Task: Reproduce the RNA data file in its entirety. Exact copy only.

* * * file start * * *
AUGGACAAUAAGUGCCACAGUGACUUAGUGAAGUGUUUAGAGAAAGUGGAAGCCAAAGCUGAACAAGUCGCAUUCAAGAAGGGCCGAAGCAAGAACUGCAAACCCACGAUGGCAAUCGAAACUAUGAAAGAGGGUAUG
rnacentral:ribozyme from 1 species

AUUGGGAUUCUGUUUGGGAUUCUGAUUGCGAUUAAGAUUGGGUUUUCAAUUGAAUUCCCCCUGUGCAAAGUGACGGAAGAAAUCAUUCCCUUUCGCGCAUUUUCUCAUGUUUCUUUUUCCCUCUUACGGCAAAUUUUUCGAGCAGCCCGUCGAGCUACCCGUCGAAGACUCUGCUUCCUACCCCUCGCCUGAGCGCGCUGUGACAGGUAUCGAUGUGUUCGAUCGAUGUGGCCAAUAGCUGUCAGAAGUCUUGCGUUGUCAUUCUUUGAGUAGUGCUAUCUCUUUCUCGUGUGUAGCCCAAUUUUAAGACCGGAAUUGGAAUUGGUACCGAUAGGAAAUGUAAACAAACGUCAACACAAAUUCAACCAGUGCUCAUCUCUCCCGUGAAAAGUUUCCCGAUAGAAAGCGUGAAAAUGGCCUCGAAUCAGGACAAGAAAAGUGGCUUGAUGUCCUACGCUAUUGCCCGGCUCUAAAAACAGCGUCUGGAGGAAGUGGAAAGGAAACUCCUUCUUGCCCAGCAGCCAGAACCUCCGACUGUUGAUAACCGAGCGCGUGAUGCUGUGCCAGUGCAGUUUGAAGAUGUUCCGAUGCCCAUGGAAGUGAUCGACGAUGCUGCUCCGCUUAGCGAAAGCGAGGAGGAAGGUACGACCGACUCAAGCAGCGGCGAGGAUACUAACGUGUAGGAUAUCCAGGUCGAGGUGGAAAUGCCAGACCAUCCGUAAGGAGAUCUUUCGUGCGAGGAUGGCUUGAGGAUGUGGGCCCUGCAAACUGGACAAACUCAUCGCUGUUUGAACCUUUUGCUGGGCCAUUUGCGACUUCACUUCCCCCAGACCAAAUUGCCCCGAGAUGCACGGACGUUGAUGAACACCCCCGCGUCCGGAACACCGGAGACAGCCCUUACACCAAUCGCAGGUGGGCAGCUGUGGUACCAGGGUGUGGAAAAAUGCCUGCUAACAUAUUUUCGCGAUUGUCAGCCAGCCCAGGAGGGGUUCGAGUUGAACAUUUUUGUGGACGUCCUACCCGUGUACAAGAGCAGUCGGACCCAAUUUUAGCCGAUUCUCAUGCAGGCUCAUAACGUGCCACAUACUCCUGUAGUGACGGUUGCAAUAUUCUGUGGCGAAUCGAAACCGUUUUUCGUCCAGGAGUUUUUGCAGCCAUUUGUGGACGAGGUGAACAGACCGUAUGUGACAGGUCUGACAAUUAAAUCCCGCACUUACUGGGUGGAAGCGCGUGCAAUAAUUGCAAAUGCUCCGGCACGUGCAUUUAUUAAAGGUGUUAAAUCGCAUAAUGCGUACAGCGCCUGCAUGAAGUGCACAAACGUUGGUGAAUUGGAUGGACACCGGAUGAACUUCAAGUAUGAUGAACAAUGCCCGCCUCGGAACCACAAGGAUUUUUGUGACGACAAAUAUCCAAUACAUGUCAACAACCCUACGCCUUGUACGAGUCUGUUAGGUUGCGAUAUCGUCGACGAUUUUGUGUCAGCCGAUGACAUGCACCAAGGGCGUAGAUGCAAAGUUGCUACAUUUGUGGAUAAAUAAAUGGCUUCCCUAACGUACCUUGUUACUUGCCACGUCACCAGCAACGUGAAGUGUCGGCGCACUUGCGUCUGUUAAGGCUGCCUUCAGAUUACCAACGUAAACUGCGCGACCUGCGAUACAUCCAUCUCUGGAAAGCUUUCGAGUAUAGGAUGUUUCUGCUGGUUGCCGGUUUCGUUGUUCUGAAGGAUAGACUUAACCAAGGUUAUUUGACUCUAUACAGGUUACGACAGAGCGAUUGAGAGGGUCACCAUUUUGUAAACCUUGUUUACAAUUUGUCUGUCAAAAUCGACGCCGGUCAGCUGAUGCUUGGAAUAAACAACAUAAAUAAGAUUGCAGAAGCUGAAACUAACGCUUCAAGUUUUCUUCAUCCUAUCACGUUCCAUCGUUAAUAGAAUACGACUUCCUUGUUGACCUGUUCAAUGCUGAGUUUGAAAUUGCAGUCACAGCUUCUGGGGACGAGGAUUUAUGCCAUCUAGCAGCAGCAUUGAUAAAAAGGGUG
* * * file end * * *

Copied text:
AUGGACAAUAAGUGCCACAGUGACUUAGUGAAGUGUUUAGAGAAAGUGGAAGCCAAAGCUGAACAAGUCGCAUUCAAGAAGGGCCGAAGCAAGAACUGCAAACCCACGAUGGCAAUCGAAACUAUGAAAGAGGGUAUG
rnacentral:ribozyme from 1 species

AUUGGGAUUCUGUUUGGGAUUCUGAUUGCGAUUAAGAUUGGGUUUUCAAUUGAAUUCCCCCUGUGCAAAGUGACGGAAGAAAUCAUUCCCUUUCGCGCAUUUUCUCAUGUUUCUUUUUCCCUCUUACGGCAAAUUUUUCGAGCAGCCCGUCGAGCUACCCGUCGAAGACUCUGCUUCCUACCCCUCGCCUGAGCGCGCUGUGACAGGUAUCGAUGUGUUCGAUCGAUGUGGCCAAUAGCUGUCAGAAGUCUUGCGUUGUCAUUCUUUGAGUAGUGCUAUCUCUUUCUCGUGUGUAGCCCAAUUUUAAGACCGGAAUUGGAAUUGGUACCGAUAGGAAAUGUAAACAAACGUCAACACAAAUUCAACCAGUGCUCAUCUCUCCCGUGAAAAGUUUCCCGAUAGAAAGCGUGAAAAUGGCCUCGAAUCAGGACAAGAAAAGUGGCUUGAUGUCCUACGCUAUUGCCCGGCUCUAAAAACAGCGUCUGGAGGAAGUGGAAAGGAAACUCCUUCUUGCCCAGCAGCCAGAACCUCCGACUGUUGAUAACCGAGCGCGUGAUGCUGUGCCAGUGCAGUUUGAAGAUGUUCCGAUGCCCAUGGAAGUGAUCGACGAUGCUGCUCCGCUUAGCGAAAGCGAGGAGGAAGGUACGACCGACUCAAGCAGCGGCGAGGAUACUAACGUGUAGGAUAUCCAGGUCGAGGUGGAAAUGCCAGACCAUCCGUAAGGAGAUCUUUCGUGCGAGGAUGGCUUGAGGAUGUGGGCCCUGCAAACUGGACAAACUCAUCGCUGUUUGAACCUUUUGCUGGGCCAUUUGCGACUUCACUUCCCCCAGACCAAAUUGCCCCGAGAUGCACGGACGUUGAUGAACACCCCCGCGUCCGGAACACCGGAGACAGCCCUUACACCAAUCGCAGGUGGGCAGCUGUGGUACCAGGGUGUGGAAAAAUGCCUGCUAACAUAUUUUCGCGAUUGUCAGCCAGCCCAGGAGGGGUUCGAGUUGAACAUUUUUGUGGACGUCCUACCCGUGUACAAGAGCAGUCGGACCCAAUUUUAGCCGAUUCUCAUGCAGGCUCAUAACGUGCCACAUACUCCUGUAGUGACGGUUGCAAUAUUCUGUGGCGAAUCGAAACCGUUUUUCGUCCAGGAGUUUUUGCAGCCAUUUGUGGACGAGGUGAACAGACCGUAUGUGACAGGUCUGACAAUUAAAUCCCGCACUUACUGGGUGGAAGCGCGUGCAAUAAUUGCAAAUGCUCCGGCACGUGCAUUUAUUAAAGGUGUUAAAUCGCAUAAUGCGUACAGCGCCUGCAUGAAGUGCACAAACGUUGGUGAAUUGGAUGGACACCGGAUGAACUUCAAGUAUGAUGAACAAUGCCCGCCUCGGAACCACAAGGAUUUUUGUGACGACAAAUAUCCAAUACAUGUCAACAACCCUACGCCUUGUACGAGUCUGUUAGGUUGCGAUAUCGUCGACGAUUUUGUGUCAGCCGAUGACAUGCACCAAGGGCGUAGAUGCAAAGUUGCUACAUUUGUGGAUAAAUAAAUGGCUUCCCUAACGUACCUUGUUACUUGCCACGUCACCAGCAACGUGAAGUGUCGGCGCACUUGCGUCUGUUAAGGCUGCCUUCAGAUUACCAACGUAAACUGCGCGACCUGCGAUACAUCCAUCUCUGGAAAGCUUUCGAGUAUAGGAUGUUUCUGCUGGUUGCCGGUUUCGUUGUUCUGAAGGAUAGACUUAACCAAGGUUAUUUGACUCUAUACAGGUUACGACAGAGCGAUUGAGAGGGUCACCAUUUUGUAAACCUUGUUUACAAUUUGUCUGUCAAAAUCGACGCCGGUCAGCUGAUGCUUGGAAUAAACAACAUAAAUAAGAUUGCAGAAGCUGAAACUAACGCUUCAAGUUUUCUUCAUCCUAUCACGUUCCAUCGUUAAUAGAAUACGACUUCCUUGUUGACCUGUUCAAUGCUGAGUUUGAAAUUGCAGUCACAGCUUCUGGGGACGAGGAUUUAUGCCAUCUAGCAGCAGCAUUGAUAAAAAGGGUG